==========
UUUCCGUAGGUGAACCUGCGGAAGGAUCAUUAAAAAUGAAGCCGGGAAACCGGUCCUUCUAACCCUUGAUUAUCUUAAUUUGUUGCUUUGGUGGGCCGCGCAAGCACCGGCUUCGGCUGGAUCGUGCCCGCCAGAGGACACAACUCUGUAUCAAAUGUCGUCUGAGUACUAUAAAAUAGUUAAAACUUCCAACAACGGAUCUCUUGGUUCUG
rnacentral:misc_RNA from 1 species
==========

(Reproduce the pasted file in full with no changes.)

UUUCCGUAGGUGAACCUGCGGAAGGAUCAUUAAAAAUGAAGCCGGGAAACCGGUCCUUCUAACCCUUGAUUAUCUUAAUUUGUUGCUUUGGUGGGCCGCGCAAGCACCGGCUUCGGCUGGAUCGUGCCCGCCAGAGGACACAACUCUGUAUCAAAUGUCGUCUGAGUACUAUAAAAUAGUUAAAACUUCCAACAACGGAUCUCUUGGUUCUG
rnacentral:misc_RNA from 1 species